First impressions of the car enroute to topping up the tank:

1. Easy to drive - I was comfortable in the car just on the short service road before joining the main road.
2. Noticeable improvement in the low end torque, and equally noticeable lack of refinement at higher revs compared to the i20.
3. Decent enough gearbox - not the slickest, but no missing of gears either, all are selected quite effectively.
4. Probably more stable than the 20, although I haven't seen her cross 80 yet.
5. The dead steering is actually better than that in the 20 at city and open road speeds. If it isn't worse than the 20 at higher speeds, I am comfortable with that.
6. There is something rattling in the body in the rear - need to see that in the first service. Nothing serious, but the sound is like something that can be easily fixed. No parcel shelf, so that is not it. Noticeable on concrete roads in Pune which are finished to an abysmal standard.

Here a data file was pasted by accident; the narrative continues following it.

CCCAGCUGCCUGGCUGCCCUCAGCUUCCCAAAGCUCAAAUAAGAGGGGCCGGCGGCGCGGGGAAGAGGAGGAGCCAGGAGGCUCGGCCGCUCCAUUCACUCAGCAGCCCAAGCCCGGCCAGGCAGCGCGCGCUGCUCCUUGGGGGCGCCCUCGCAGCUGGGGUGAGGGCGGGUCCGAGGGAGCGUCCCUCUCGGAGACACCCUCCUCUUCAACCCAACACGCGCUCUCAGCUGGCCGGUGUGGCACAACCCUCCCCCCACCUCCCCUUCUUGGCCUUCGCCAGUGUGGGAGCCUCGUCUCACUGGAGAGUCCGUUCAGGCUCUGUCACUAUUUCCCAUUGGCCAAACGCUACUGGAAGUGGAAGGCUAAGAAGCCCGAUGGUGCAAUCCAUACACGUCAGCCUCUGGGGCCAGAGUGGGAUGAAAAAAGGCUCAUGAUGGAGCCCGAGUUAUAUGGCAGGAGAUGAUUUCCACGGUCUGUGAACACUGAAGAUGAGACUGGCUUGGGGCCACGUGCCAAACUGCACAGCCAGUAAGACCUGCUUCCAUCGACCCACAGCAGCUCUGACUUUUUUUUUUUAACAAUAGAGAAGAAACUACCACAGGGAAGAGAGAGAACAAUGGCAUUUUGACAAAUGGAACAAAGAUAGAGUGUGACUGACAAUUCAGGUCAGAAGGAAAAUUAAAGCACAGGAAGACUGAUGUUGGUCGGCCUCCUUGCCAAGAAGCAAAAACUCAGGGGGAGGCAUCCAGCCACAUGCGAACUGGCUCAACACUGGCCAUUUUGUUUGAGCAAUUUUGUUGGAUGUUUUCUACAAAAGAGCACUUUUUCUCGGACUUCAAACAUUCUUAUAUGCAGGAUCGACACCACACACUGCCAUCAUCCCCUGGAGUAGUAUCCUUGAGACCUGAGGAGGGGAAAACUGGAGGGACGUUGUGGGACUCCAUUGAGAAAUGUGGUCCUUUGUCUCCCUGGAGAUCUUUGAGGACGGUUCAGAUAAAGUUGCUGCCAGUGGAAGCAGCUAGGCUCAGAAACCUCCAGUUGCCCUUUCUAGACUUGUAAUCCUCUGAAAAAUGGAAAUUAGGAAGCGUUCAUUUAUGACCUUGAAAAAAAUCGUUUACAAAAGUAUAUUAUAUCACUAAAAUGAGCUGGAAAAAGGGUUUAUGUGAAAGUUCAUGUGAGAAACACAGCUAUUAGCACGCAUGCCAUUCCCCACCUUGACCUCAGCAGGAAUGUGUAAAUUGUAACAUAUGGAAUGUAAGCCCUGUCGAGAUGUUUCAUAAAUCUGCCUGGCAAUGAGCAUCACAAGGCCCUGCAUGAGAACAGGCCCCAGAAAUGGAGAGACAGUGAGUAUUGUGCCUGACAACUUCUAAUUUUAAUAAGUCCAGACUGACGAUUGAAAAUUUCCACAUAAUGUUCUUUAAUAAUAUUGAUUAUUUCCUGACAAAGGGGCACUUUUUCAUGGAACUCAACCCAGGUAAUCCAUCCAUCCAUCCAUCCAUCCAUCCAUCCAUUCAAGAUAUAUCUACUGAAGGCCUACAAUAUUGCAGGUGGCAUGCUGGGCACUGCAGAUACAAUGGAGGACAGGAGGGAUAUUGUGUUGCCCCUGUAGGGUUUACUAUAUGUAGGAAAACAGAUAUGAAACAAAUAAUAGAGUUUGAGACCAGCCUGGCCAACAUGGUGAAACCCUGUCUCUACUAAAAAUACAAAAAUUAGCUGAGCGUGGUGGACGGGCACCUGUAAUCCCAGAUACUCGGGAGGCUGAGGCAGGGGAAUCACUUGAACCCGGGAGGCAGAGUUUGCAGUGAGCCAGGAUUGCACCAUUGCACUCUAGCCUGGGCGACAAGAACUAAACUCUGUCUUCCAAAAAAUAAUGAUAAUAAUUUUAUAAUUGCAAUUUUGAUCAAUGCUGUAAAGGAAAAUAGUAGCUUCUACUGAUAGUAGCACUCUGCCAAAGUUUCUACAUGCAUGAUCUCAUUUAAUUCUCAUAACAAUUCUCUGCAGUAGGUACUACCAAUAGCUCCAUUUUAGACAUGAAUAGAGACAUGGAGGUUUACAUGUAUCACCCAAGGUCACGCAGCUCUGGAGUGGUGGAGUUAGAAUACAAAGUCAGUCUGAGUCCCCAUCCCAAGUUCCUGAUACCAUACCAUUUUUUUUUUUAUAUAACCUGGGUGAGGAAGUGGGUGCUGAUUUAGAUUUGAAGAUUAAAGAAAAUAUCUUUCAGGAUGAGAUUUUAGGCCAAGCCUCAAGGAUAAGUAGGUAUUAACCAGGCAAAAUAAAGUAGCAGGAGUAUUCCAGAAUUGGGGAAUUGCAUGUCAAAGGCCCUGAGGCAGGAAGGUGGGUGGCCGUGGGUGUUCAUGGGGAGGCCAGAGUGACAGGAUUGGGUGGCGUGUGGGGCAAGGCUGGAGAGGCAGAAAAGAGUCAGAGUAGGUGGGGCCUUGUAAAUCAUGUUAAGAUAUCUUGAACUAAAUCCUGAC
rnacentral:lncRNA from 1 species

7. The new ORVMs don't give as wide a view as most do, so that is something to take into account. They aren't bad, but there are better ones out there.

As far as the other potential dislikes, like the low rent interiors etc., they aren't a surprise, so no complaints. Things that are there seem to be well screwed together. And my music from an I touch plays via BT quite well, and the charging point keep the device well fed all the time.

All my cars thus far have carried V Kool, and minus that, the car seems to get hot rapidly. 3M CR90 for the front windshield as a minimum, it can't be seen by any authority, and for the rest I will wait a little to see if the dust settles on the SC thing.